Working for sustainable, healthy community change is a heavy lift for any community. Given the complexity and rigorous requirements of systemic change, a community’s capacity to meet this challenge is a strong predictor of success. For the purposes of this document, community capacity refers to the collective ability of people and community organizations to define, pursue and achieve their goals.
Communities with strong capacity have a combination of knowledge and skills, cohesion and commitment, structures and networks, and access to resources that support effective decision making and action over time. These kinds of communities are more likely to use assessments and evaluations to inform dialogue, develop strong constituencies and partners, and establish shared goals and distributed responsibility. They are generally better able to leverage resources, follow through on policy efforts and address institutional barriers. Communities with strong capacity can often identify and compete successfully for grants, and achieve results within short funding periods.
Communities with the greatest health challenges and disparities (e.g., rural communities or neighborhoods isolated by race, income, environmental justice concerns and/or a historical legacy of discrimination) may have less community capacity to address those issues. Despite strong leadership, knowledge and informal networks in many cases, these communities are more likely to have organizations with fewer professional training opportunities or internal support systems, more limited access to technology and fewer resources to sustain collective effort.
They often confront many pressing challenges, but with weaker connections to traditional avenues of influence or funding. They also may have less familiarity with policy or environmental approaches to health behavior, and a stronger orientation to programs and education. As a result, they are often not primed to pursue changes in policy, environments and systems as their first approach to community health improvement.
It is important to recognize a community’s current level of capacity, account for its various assets and build from there. Even communities with less capacity very often have robust social and civic networks; leaders in both formal and informal settings; core institutions; and a range of effective strategies for mobilizing. They also have cultural strengths, physical or place-based assets, wisdom related to struggle, and shared history, achievements and meaning.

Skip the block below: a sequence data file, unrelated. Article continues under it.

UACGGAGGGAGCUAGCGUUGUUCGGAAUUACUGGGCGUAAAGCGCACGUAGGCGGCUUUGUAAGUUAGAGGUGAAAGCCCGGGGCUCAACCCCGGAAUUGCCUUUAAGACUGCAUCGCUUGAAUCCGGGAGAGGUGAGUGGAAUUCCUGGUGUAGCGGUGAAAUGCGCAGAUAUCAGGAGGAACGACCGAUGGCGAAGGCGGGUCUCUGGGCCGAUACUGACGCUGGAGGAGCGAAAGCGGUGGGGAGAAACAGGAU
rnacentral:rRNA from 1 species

An array of activities and supports can complement these assets and strengthen communities’ foundations for pursuing healthy community change. Some activities include building a common understanding of the issues residents seek to address, discussing the determinants of health, and thinking about residents’ relationship to the community’s history and current priorities. Supports for lower- capacity communities may also involve group education and training, action-oriented learning opportunities and network building with key organizations and potential agents of change. In the absence of this work, a focus on short-term, ambitious achievements may miss the mark by overlooking the context and necessary groundwork to be laid.
Whatever capacity a community has, setting realistic expectations and focusing on capacity building is a good way to position it for success over the long term. Here are some core lessons and principles about capacity building we have gleaned from community partnerships.